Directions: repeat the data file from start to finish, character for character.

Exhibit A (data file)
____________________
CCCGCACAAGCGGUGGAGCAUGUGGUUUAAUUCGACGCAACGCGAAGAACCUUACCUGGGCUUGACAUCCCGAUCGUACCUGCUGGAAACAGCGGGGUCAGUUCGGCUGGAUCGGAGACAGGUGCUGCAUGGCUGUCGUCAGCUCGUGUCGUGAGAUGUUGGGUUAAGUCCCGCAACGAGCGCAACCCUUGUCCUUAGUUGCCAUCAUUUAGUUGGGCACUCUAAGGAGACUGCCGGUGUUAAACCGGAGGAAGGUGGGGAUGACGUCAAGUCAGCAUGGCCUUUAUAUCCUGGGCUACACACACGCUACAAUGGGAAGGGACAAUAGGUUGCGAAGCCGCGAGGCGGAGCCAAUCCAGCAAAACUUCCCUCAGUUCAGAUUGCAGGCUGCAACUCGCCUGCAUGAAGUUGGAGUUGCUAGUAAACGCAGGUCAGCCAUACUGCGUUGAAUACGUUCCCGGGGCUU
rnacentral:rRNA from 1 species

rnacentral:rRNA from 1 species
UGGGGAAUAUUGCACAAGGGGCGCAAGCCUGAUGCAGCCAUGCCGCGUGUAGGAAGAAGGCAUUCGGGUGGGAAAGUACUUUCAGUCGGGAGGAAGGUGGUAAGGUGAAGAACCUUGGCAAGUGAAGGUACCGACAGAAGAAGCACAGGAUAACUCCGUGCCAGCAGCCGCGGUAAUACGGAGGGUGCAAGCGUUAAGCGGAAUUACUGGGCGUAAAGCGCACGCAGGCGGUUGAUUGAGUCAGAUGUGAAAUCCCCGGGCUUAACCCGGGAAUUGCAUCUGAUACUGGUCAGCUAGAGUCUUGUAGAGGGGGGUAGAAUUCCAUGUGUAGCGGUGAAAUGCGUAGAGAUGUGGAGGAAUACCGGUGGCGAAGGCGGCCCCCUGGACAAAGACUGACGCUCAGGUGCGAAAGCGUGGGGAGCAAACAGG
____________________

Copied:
CCCGCACAAGCGGUGGAGCAUGUGGUUUAAUUCGACGCAACGCGAAGAACCUUACCUGGGCUUGACAUCCCGAUCGUACCUGCUGGAAACAGCGGGGUCAGUUCGGCUGGAUCGGAGACAGGUGCUGCAUGGCUGUCGUCAGCUCGUGUCGUGAGAUGUUGGGUUAAGUCCCGCAACGAGCGCAACCCUUGUCCUUAGUUGCCAUCAUUUAGUUGGGCACUCUAAGGAGACUGCCGGUGUUAAACCGGAGGAAGGUGGGGAUGACGUCAAGUCAGCAUGGCCUUUAUAUCCUGGGCUACACACACGCUACAAUGGGAAGGGACAAUAGGUUGCGAAGCCGCGAGGCGGAGCCAAUCCAGCAAAACUUCCCUCAGUUCAGAUUGCAGGCUGCAACUCGCCUGCAUGAAGUUGGAGUUGCUAGUAAACGCAGGUCAGCCAUACUGCGUUGAAUACGUUCCCGGGGCUU
rnacentral:rRNA from 1 species

rnacentral:rRNA from 1 species
UGGGGAAUAUUGCACAAGGGGCGCAAGCCUGAUGCAGCCAUGCCGCGUGUAGGAAGAAGGCAUUCGGGUGGGAAAGUACUUUCAGUCGGGAGGAAGGUGGUAAGGUGAAGAACCUUGGCAAGUGAAGGUACCGACAGAAGAAGCACAGGAUAACUCCGUGCCAGCAGCCGCGGUAAUACGGAGGGUGCAAGCGUUAAGCGGAAUUACUGGGCGUAAAGCGCACGCAGGCGGUUGAUUGAGUCAGAUGUGAAAUCCCCGGGCUUAACCCGGGAAUUGCAUCUGAUACUGGUCAGCUAGAGUCUUGUAGAGGGGGGUAGAAUUCCAUGUGUAGCGGUGAAAUGCGUAGAGAUGUGGAGGAAUACCGGUGGCGAAGGCGGCCCCCUGGACAAAGACUGACGCUCAGGUGCGAAAGCGUGGGGAGCAAACAGG